How to Write a Job Description For a Receptionist

Were you looking for a great in-house receptionist, who will help you save time and make your business more efficient? Well, all you need to do is to write a good receptionist job description so that you hire the best one out there.

Writing a job description to post on recruitment websites is an art and also a science. Studies show that when recruitment ads are well written, highly qualified applicants apply. Similarly, a well written job description will attract the kind of receptionist who will revolutionize your office.

What does a well written job description look like?

A job description should not be very short, or very lengthy. It should provide all the necessary elements, without giving away too much. Using the right keywords, mentioning the right skill sets required, and using simple but elegant language is important when you write for your future-applicants. In the context of a receptionist job description, make sure that you highlight the personal qualities required, specific skills that your business may need, communication skills, and certain administrative skills that your receptionist should possess.

It can be divided into four sections:

Section 1: brief description of the receptionist’s job

This section will give the applicant a brief idea about the job, and why they should pay more attention to your recruitment advertisement. Do not use complex words, and briefly describe the job’s responsibilities. If you are writing a job description to hire receptionists, this section should cover required interpersonal and personal skills, brief job duties, and any particular qualifications that you may be looking for.

For example:

A friendly and professional receptionist who can work independently, and liaise with clients over telephone and in person; maintains customer data on CRM and notifies superiors when clients express interest.

Section 2: Highlights of the receptionist’s role

This section details the receptionist’s role without any ambiguity. Do not exceed more than 4-5 sentences, as most people do not have the patience to read through verbose job descriptions. Focus on important receptionist roles such as note-taking abilities, written and telephonic communication skills, interpersonal skills, administrative skills, customer service experience, language fluency and technology skills.

For example:

Job description highlights:

  • Has to work independently under stressful conditions without the need for constant input or supervision.
  • Must interact, negotiate and speak with clients on both telephone and email, and take notes when necessary.
  • Should have basic computer skills and must be willing to learn how to use our CRM, so that data can be entered.
  • Must notify management when leads and prospects express interest in our products and services.

Section 3: skills and qualifications required

This section may be written in a couple of sentences. Some employers choose to simply list all the skills required using commas, but you can also choose to list the skills with the help of a well written sentence. Make sure that you do not list unnecessary or obvious skills. List only those that are specific to your business or to the particular receptionist position.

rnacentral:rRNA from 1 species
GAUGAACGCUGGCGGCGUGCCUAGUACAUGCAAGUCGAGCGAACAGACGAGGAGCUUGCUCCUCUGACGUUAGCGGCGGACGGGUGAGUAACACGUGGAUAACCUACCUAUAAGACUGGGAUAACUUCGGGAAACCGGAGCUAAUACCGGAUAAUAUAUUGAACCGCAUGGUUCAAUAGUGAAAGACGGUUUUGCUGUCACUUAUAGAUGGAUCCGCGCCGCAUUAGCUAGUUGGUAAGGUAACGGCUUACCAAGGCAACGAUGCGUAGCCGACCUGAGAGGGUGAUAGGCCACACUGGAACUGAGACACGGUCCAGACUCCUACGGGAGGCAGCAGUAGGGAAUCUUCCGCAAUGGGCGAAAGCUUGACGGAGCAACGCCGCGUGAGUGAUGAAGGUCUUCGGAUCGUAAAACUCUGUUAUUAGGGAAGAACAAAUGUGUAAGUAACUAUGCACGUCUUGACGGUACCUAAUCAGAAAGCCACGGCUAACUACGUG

For example:

Applicants need to possess superior English language fluency, friendly demeanor, excellent communication skills, customer service experience, be willing to learn and work independently, and have adequate computer skills.

Section 4: any other details you might want to mention

Do you have a tip about how a receptionist can crack the interview? Are you looking for some particular personal characteristic in your receptionist? Is there something that your applicant needs to know about some topic? Do you want the applicant to call you up on a specific number or email you to a particular address? This is the place to communicate with the applicant at a more personal level.

For example:

Applicants who have worked previously with real estate agencies will be given preference.

Write a job description or hire a virtual receptionist?

A well written receptionist job description usually consists of four sections, in which the first section briefly describes the job, the second highlights the important roles, the third lists the specific skills and qualifications necessary, while the last section provides additional information, if necessary.

If you do not want to go through the trouble of writing a job description or hiring and sustaining a full-time receptionist, just give us a call today to hire a virtual receptionist, who will start taking your calls as soon as you purchase our service. Our virtual receptionists are careful chosen, meet all the criteria required for excellent receptionists, and have oodles of experience when it comes to helping clients like you.

Written by

Marlene & Racquel

Marlene & Racquel

Marlene started with Abby Connect 8 years ago as a receptionist and was won over by the culture and care the company has for its employees. Since then, Marlene has been a pivotal piece of growing Abby Connect – having been a long-time leader in hiring, training, developing, and managing the receptionist floor. Racquel’s journey began as one of the first Abby receptionists, the most important role at Abby, and after 11 years of performing various roles to help grow the company including directing all staff development, she’s now an Abby Way Co-Director. Together, Racquel and Marlene as certified life coaches, continue to help all Abby departments as well as their own team with hiring, training, brand reputation, development and culture.

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